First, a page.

Three of five trucking companies targeted this week by picketing drivers serving the Los Angeles and Long Beach ports have agreed to discuss labor disagreements and to “resolve outstanding issues” with their drivers, according to a joint statement released Thursday.
“As requested by Mayor Eric Garcetti, the Teamsters, QTS Inc., LACA Express Inc. and WinWin Logistics Inc. each have separately agreed to continue discussions to resolve outstanding issues between them,” the statement said. “All sides have expressed an interest in sitting down and continuing confidential discussions of these issues and challenges facing the drayage industry.”
The three companies “respect drivers’ right to choice with regard to unionization,” according to the statement which says the picketing drivers have, in turn, decided to end their strike against the firms.
The International Brotherhood of Teamsters and port drivers had turned their attention to the three drayage firms on Monday, after agreeing the week before to stop picketing of three other companies, Total Transportation Services Inc., Pacific 9 Transportation and Green Fleet Systems.
The picketers contend all six companies targeted misclassify drivers as independent contractors, when they should have been paid as full employees. As contracted workers, the drivers’ paychecks often fall below the minimum wage, even though truckers are known to haul as much as $4 million of cargo each day, union officials said.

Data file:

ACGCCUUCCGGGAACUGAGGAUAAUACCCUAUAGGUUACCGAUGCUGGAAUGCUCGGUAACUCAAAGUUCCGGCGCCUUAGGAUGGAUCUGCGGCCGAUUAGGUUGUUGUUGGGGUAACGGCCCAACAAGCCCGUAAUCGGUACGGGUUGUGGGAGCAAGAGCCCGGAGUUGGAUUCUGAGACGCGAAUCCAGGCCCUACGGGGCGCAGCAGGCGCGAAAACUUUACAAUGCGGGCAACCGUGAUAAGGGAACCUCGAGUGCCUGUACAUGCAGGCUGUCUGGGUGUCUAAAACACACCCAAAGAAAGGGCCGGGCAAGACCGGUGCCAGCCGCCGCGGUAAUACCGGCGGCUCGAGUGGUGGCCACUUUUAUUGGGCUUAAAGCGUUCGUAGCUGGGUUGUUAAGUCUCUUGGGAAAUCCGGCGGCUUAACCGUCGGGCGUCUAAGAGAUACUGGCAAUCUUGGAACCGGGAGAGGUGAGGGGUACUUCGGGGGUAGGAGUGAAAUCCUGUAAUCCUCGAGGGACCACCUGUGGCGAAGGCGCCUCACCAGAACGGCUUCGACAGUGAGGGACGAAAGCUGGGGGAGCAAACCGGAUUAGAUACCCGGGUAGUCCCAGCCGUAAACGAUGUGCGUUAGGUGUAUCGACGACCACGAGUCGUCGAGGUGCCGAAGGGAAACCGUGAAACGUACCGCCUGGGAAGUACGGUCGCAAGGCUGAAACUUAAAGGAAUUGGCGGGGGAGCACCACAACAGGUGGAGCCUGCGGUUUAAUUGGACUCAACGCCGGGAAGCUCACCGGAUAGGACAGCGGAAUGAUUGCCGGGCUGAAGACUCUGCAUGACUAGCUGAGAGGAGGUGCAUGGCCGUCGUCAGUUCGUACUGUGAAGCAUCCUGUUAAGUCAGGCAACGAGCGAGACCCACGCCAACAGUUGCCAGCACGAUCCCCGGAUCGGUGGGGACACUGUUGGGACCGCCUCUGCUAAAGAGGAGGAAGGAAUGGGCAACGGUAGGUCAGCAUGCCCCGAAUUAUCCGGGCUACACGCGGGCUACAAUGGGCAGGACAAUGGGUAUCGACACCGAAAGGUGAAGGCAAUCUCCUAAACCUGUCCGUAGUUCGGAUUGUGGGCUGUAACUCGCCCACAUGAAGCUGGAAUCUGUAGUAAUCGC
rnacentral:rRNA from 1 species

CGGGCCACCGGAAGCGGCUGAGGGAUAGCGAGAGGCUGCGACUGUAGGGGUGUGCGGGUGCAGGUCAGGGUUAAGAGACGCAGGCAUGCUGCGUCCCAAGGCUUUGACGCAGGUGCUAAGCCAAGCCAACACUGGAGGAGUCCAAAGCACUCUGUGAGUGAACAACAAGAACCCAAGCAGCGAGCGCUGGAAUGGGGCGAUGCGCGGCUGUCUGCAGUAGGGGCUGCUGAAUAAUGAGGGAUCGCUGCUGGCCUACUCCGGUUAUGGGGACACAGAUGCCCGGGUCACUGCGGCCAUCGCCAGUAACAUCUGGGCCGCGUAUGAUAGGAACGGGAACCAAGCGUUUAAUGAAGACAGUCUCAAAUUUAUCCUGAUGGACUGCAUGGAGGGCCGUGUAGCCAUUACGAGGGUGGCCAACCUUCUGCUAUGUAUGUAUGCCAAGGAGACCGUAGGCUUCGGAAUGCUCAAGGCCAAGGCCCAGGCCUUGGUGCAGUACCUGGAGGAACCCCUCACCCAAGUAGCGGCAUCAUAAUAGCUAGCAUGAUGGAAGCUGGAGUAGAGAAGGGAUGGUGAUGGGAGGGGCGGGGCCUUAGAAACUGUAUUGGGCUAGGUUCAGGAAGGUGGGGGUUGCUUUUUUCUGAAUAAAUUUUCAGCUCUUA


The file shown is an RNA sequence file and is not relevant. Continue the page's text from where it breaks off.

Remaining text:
Richard Ceja, one of the picketing truck drivers contracted by LACA Express, said he was grateful for the union and the mayor’s efforts to bring the parties to the table.
“We simply want to have the rights that all employees have and, for the first time, we have hope that hard work at the ports will pay,” Ceja said.
While the picketing disrupted the operations of each of the businesses, the job actions did not affect the movement of cargo at the Port of Los Angeles, according to the mayor’s office.
Fred Potter, international vice president of the Teamsters and the director of the union’s port division, said the striking port drivers “are on the front lines of the Teamsters’ fight against the war on workers, including the fight to stop wage theft through misclassification as independent contractors.”
“Because of the drivers’ sacrifices, the support of drivers’ allies and the help of Mayor Eric Garcetti, we are beginning to see change in the drayage industry and we pledge to support the drivers until justice is served,” Potter said.
Today’s joint statement did not address picketing targeting two other companies, Pacer Cartage and Harbor Rail Transport. Those job actions began early Tuesday at the Union Pacific rail yard in the City of Commerce and involved intermodal facilities serviced by the two companies. Picketers also targeted the Intermodal Container Transfer Facility in Long Beach.
The recent round of job actions broke out after the union contended two trucking companies — Total Transportation Services Inc. and Pacific 9 Transportation — violated terms of a “cooling-off” period brokered by Garcetti in July by firing at least 35 employees and deducting from paychecks in retaliation.
— City News Service
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